Jeremy Corbyn calls for UK nuclear disarmament on Hiroshima 70th anniversary
Speaking on Thursday at the Campaign for Nuclear Disarmament (CND) commemoration event in London, the anti-austerity candidate said if became prime minister he would not renew Trident, Britain’s nuclear deterrent.
Unveiling his Plan for Nuclear Disarmament, Corbyn said he would move away from a nuclear weapons based arsenal.
In the document, Corbyn lays out a strategy to protect the jobs of people currently working on Trident by investing in infrastructure projects and “socially productive” initiatives.
“We are making the case for a defense diversification agency because we have a moral duty, and strategic defense and international commitments, to make Britain and the world a safer place,” the document reads.
“As a signatory to the nuclear non-proliferation treaty, Britain should therefore give a lead in discharging its obligations by not seeking a replacement for Trident, as we are committed to accelerate concrete progress towards nuclear disarmament.
“Senior military figures have described our existing nuclear weapons as ‘militarily useless’ and our possession of them encourages other countries to seek a similar arsenal while undermining the efforts being made to advance the cause of international nuclear disarmament,” it adds.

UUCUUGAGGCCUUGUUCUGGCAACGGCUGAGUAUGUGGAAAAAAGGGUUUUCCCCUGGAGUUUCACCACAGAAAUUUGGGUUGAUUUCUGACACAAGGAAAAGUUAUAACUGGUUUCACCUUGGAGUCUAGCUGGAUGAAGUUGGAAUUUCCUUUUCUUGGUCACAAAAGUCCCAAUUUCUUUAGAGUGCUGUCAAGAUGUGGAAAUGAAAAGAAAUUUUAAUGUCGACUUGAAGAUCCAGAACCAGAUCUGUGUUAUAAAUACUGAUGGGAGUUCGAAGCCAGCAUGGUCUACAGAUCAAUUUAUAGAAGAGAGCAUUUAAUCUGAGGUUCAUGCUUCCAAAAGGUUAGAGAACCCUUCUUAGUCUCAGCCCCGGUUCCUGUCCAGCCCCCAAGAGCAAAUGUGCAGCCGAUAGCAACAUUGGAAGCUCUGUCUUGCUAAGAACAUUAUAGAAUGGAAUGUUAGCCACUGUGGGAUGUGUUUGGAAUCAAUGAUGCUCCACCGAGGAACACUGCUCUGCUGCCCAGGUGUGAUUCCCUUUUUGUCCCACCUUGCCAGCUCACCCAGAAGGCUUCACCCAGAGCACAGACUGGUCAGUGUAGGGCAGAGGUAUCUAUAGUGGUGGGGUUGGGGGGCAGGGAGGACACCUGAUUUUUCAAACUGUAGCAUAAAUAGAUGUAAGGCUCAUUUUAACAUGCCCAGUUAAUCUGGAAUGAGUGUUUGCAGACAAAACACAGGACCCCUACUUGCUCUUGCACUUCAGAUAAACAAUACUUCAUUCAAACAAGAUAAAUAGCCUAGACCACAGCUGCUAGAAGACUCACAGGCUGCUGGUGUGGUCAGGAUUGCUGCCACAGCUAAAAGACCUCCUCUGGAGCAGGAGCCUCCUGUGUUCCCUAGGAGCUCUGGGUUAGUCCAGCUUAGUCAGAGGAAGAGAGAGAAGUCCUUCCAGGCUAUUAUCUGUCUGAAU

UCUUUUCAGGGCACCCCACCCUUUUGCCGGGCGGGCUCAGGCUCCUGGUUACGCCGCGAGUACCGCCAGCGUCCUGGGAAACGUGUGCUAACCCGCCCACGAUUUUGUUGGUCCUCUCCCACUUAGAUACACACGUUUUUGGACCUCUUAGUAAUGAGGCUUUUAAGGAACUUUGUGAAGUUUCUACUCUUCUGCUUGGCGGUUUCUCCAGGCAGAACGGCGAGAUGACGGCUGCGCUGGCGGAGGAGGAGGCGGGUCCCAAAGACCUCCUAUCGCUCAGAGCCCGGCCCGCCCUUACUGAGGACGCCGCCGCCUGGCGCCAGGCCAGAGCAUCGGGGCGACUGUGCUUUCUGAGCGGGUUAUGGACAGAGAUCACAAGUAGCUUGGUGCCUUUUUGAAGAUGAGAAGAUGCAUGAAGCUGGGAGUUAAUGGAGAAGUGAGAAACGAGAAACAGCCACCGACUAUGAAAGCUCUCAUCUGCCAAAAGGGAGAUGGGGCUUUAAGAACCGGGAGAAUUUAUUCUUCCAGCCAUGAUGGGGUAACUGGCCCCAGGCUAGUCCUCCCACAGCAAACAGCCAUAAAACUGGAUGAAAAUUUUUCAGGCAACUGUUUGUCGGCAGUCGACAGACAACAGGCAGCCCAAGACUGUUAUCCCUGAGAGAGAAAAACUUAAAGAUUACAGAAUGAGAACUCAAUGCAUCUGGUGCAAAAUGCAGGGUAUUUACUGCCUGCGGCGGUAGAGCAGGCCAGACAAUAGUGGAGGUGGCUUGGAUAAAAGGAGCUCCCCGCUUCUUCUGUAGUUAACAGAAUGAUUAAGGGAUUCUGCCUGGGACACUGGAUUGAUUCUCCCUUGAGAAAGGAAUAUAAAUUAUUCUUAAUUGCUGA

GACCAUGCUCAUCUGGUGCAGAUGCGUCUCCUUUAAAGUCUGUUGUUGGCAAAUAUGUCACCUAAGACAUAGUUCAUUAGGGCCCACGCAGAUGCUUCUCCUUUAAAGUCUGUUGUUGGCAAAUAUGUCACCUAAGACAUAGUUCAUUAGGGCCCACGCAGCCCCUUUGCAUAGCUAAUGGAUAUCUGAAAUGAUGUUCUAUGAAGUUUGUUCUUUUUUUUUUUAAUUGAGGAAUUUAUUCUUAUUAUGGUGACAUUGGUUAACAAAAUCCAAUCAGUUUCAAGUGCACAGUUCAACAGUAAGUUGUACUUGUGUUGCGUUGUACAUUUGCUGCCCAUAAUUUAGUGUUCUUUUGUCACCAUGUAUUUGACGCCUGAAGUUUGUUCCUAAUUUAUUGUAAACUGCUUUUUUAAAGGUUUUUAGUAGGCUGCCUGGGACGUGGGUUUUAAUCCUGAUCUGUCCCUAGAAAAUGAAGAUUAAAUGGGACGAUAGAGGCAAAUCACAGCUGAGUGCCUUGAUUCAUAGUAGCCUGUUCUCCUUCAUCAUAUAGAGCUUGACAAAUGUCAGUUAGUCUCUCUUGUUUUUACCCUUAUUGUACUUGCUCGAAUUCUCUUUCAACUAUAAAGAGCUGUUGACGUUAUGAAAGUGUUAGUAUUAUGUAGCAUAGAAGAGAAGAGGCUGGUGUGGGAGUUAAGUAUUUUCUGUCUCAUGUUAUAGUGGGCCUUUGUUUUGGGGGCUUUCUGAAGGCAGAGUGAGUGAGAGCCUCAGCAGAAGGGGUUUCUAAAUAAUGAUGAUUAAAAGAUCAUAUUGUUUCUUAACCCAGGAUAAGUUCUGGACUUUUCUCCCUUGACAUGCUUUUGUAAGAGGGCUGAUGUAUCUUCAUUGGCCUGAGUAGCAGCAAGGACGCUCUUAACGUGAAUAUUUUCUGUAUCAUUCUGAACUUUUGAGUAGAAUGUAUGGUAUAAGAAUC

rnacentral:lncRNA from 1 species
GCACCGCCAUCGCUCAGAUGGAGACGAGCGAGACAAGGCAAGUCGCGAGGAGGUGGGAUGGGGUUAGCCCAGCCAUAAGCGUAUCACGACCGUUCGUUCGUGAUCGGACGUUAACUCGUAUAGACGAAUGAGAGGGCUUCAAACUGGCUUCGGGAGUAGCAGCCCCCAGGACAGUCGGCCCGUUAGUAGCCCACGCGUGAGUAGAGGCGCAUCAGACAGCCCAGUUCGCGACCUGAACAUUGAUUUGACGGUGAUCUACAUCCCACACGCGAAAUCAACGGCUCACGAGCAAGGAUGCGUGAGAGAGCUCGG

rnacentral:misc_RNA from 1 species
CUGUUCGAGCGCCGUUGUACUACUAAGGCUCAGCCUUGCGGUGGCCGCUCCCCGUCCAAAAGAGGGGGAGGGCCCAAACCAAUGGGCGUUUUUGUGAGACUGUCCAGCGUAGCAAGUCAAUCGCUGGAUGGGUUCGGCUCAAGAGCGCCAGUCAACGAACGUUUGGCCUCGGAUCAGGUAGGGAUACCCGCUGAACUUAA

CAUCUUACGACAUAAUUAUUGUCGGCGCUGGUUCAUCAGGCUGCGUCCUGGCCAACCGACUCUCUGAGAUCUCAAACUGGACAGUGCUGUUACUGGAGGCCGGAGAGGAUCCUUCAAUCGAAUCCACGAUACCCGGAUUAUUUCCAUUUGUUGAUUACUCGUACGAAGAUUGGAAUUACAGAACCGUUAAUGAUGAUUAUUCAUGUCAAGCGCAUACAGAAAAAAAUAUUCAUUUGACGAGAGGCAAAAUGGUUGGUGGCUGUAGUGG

The Green Party’s Lady Jones also attended the memorial event.
She said: “It is amazing that we haven’t learned more from the nuclear bombing of Japan, that nuclear weapons are indiscriminate, their impact incalculable and their cost insupportable.
“Britain should accept that such weapons are impossible to use with any guarantee of safety and we should scrap plans for renewing the Trident nuclear defense system, freeing up £100b billion to spend on our national wellbeing.”
Currently the UK has committed to the maintenance of four submarines, each equipped with Trident II D-5 nuclear missiles. Parliament will vote on their renewal in 2016.
Corbyn’s call for nuclear disarmament comes after he said Tony Blair could stand trial for war crimes if he is deemed to have broken international law during the 2003 invasion of Iraq.
Speaking to BBC Newsnight, the prominent anti-war campaigner said Blair should stand trial “if he has committed a war crime, yes. Everybody who has committed a war crime should.”
He added the former Labour prime minister, who orchestrated the invasion with then-US President George W. Bush, should “confess” to any plans he made with the former president. The publication of the Chilcot Inquiry report would force Blair’s hand, he said.
Corbyn, who staunchly opposed the invasion and is a leading member of the Stop the War coalition, said: “It was an illegal war. I am confident about that. Indeed Kofi Annan [UN secretary general at the time of the war] confirmed it was an illegal war and therefore [Tony Blair] has to explain that. Is he going to be tried for it? I don’t know. Could he be tried for it? Possibly.”